Find The End Of Marking Time on Amazon
June 10th.

Go straight to your RSVP on the launch party event page.

Make your choice on the Facebook Group I pressed the Red/Green button.

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An Herbal Insect Repellant

Posted by Range Officer Rhonda on May 16, 2010

My Cat Mint Plants

Alarmingly, many people still use massive quantities of toxic chemicals to ward off bugs. Sometimes, maybe, chemicals do have their place – but on MY skin – or my children? I don’t think so. There are many differnt herbs that are easy to grow that can help you with this problem. Grab a basil leaf as you walk through the garden and rub it on [I particularly love the smell of lemon basil]. It doesn’t deter bees – they love it too, but will deter gnats, no-see-ums & mosquitos.

But by far one of the best unknowns you can try is the Catnip, or cat mint plant. It has many useful traits, including settling your stomach & a mild sleep aid [great for cranky kids!]. One of it’s best uses, however, is as a flying insect repellant – mainly mosquitos. The oil is the best part but takes some good time & work to accumulate. An easy, quick spray can be made by boiling two cups of water, turn off the heat and let the bubbles from the boil stop, then add about 2 oz of fresh leaves – or if you are counting them – about 20 leaves. Let leaves steep [never boil catmint as it loses its beneficial properties] as the water cools, strain the leaves out and poor into a clean, sterile spray bottle. You can also mix 1 oz of rubbing alcohol with a cup of solution. Use liberally and spray on exposed skin; be careful not to spray around the eye or mouth area, especially if you have added alcohol. The straight solution, sans additives, is generally not harmful if swallowed, but alway keep everything away from the eyes.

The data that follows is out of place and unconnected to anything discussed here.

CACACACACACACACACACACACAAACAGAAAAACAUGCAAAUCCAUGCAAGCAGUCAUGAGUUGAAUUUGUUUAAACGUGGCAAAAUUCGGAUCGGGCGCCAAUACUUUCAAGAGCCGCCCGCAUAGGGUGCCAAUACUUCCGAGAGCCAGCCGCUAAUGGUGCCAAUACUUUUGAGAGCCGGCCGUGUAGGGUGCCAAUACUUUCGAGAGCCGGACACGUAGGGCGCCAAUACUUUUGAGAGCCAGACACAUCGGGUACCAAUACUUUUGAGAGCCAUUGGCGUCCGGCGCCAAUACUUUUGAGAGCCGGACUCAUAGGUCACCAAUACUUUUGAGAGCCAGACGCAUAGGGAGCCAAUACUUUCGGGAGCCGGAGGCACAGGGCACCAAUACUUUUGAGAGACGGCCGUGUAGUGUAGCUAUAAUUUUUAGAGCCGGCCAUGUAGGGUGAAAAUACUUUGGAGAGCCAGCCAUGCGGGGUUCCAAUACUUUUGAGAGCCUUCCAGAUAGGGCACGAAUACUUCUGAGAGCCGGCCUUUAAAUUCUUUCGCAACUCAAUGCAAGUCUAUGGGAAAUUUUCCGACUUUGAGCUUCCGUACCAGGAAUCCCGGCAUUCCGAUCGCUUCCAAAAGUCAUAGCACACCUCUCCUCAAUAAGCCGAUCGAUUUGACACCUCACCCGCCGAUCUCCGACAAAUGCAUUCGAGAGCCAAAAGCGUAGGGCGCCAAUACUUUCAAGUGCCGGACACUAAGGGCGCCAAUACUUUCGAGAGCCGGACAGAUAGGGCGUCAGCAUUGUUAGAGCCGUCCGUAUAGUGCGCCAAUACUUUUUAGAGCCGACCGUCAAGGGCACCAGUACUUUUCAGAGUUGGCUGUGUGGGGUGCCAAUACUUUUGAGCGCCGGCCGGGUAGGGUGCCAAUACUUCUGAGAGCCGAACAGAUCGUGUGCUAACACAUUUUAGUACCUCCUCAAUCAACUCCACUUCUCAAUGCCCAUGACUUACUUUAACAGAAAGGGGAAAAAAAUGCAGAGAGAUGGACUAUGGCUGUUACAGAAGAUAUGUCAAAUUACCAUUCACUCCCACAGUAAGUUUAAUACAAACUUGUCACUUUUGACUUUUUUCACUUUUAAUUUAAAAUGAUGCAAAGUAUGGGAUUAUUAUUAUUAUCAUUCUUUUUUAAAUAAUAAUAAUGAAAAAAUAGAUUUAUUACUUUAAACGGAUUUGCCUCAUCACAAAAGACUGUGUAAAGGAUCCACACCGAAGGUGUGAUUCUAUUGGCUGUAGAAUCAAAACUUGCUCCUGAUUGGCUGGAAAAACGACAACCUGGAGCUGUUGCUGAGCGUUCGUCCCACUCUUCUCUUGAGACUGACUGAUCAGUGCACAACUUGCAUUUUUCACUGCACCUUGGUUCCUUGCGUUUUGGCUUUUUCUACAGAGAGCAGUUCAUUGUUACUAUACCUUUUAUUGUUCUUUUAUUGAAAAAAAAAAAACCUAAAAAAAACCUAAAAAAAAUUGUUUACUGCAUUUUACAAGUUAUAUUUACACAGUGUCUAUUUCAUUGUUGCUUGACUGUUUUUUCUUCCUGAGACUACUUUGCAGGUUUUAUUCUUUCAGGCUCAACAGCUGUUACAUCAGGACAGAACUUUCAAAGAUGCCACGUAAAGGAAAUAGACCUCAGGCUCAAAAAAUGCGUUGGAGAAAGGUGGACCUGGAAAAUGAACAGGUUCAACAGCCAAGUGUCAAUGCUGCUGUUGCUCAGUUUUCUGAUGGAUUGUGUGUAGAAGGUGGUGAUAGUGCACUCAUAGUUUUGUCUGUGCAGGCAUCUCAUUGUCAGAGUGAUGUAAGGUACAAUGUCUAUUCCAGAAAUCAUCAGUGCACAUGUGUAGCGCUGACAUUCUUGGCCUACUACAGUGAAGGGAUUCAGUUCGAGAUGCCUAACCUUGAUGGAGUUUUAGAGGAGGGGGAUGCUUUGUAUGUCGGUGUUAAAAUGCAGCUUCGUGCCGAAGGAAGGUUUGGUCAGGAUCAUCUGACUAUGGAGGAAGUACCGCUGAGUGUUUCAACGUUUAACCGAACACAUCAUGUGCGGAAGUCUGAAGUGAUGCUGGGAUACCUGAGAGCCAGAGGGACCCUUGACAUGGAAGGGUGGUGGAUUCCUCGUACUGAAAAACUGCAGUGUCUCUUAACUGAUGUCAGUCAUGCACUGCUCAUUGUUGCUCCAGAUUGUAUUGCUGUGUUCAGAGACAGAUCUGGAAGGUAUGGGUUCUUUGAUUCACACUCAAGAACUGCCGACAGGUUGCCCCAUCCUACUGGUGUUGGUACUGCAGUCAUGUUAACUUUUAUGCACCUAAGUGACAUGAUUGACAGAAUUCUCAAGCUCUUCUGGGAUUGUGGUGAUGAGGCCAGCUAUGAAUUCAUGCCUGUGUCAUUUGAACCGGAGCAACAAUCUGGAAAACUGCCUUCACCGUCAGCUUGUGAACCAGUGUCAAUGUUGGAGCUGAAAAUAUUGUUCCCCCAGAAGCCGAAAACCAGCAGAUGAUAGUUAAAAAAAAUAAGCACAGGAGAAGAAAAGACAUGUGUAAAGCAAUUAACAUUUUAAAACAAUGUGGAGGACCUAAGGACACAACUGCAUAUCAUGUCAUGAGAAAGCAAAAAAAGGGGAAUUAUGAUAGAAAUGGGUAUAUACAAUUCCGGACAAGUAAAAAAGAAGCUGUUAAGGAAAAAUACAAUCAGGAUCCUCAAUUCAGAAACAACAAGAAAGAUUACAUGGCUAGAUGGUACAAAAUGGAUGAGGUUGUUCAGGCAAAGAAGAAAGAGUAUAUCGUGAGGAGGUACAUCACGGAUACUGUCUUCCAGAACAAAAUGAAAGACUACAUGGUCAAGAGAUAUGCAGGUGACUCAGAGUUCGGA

Oh, those leaves you strained out? They can be useful to place on the eyelids as a relaxant or on small scrapes and cuts, insect bites, etc to reduce itching and provide temporary relief.

Cat Mint plants are easy to grow and return year after year. If you don’t use them – you will actually have to cut them back and tame them. If you have cats, your own or a neighbors, it is best to plant them from seeds so that they can be firmly growing and not draw any felines. If you transplant them or buy them as seedlings, you may have a battle on your hands as the cats are truly drawn to this.

For love and opposite sex attraction, some say that drinking cat mint tea or rubbing a few sprigs on some of your hot spots [wrist, neck] could draw out that Leo that you have your eyes on. [I’ll let you decide if I am kidding here or not]

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On the Air!